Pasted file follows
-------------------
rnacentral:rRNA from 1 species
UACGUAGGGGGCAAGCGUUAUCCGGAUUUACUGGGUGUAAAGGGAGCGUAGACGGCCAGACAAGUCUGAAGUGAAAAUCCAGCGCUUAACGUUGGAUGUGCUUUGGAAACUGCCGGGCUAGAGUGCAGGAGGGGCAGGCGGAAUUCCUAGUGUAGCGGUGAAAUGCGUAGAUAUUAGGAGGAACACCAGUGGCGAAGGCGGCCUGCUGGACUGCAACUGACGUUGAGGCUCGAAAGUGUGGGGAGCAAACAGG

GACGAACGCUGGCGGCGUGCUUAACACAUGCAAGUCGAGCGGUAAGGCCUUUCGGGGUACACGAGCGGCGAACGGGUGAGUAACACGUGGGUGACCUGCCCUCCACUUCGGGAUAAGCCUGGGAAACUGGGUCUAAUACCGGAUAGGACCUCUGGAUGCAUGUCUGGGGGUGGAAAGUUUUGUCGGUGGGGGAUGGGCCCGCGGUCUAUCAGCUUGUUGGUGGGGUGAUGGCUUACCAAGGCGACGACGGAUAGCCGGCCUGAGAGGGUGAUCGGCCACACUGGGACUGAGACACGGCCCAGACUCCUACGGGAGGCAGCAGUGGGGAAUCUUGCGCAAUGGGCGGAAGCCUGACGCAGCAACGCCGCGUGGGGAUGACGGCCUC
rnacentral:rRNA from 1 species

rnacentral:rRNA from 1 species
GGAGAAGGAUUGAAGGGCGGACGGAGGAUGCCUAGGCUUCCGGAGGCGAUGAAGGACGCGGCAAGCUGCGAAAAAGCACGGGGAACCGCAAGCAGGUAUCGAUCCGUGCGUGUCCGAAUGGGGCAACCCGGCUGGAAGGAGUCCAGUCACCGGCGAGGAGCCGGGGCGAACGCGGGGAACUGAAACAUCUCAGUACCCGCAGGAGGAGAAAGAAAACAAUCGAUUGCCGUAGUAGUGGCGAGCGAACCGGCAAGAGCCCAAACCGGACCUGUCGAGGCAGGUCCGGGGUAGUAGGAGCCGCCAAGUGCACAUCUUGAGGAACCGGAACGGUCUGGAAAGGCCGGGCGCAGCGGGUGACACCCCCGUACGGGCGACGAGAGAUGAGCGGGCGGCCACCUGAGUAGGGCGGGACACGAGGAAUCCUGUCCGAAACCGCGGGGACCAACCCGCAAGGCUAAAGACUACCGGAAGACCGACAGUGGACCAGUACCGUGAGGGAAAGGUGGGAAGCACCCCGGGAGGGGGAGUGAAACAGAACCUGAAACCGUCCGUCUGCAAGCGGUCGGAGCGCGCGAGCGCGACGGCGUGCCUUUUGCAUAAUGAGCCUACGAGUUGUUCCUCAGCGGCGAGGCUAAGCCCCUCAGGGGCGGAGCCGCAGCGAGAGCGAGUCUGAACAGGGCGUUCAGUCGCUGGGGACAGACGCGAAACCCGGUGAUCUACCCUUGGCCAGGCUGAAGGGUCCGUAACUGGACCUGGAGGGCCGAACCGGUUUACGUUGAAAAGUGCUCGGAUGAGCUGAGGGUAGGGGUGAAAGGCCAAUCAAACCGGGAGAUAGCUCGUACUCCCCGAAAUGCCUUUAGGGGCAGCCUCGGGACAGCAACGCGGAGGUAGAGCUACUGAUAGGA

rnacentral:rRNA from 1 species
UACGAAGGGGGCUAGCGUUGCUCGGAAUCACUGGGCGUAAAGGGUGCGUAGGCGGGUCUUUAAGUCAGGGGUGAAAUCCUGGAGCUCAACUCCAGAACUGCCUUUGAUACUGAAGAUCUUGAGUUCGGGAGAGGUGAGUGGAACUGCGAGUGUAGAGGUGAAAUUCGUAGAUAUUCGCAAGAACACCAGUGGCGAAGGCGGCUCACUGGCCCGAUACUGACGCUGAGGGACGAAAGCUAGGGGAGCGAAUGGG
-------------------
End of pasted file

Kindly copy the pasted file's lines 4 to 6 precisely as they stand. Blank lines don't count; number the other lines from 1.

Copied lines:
rnacentral:rRNA from 1 species

rnacentral:rRNA from 1 species
GGAGAAGGAUUGAAGGGCGGACGGAGGAUGCCUAGGCUUCCGGAGGCGAUGAAGGACGCGGCAAGCUGCGAAAAAGCACGGGGAACCGCAAGCAGGUAUCGAUCCGUGCGUGUCCGAAUGGGGCAACCCGGCUGGAAGGAGUCCAGUCACCGGCGAGGAGCCGGGGCGAACGCGGGGAACUGAAACAUCUCAGUACCCGCAGGAGGAGAAAGAAAACAAUCGAUUGCCGUAGUAGUGGCGAGCGAACCGGCAAGAGCCCAAACCGGACCUGUCGAGGCAGGUCCGGGGUAGUAGGAGCCGCCAAGUGCACAUCUUGAGGAACCGGAACGGUCUGGAAAGGCCGGGCGCAGCGGGUGACACCCCCGUACGGGCGACGAGAGAUGAGCGGGCGGCCACCUGAGUAGGGCGGGACACGAGGAAUCCUGUCCGAAACCGCGGGGACCAACCCGCAAGGCUAAAGACUACCGGAAGACCGACAGUGGACCAGUACCGUGAGGGAAAGGUGGGAAGCACCCCGGGAGGGGGAGUGAAACAGAACCUGAAACCGUCCGUCUGCAAGCGGUCGGAGCGCGCGAGCGCGACGGCGUGCCUUUUGCAUAAUGAGCCUACGAGUUGUUCCUCAGCGGCGAGGCUAAGCCCCUCAGGGGCGGAGCCGCAGCGAGAGCGAGUCUGAACAGGGCGUUCAGUCGCUGGGGACAGACGCGAAACCCGGUGAUCUACCCUUGGCCAGGCUGAAGGGUCCGUAACUGGACCUGGAGGGCCGAACCGGUUUACGUUGAAAAGUGCUCGGAUGAGCUGAGGGUAGGGGUGAAAGGCCAAUCAAACCGGGAGAUAGCUCGUACUCCCCGAAAUGCCUUUAGGGGCAGCCUCGGGACAGCAACGCGGAGGUAGAGCUACUGAUAGGA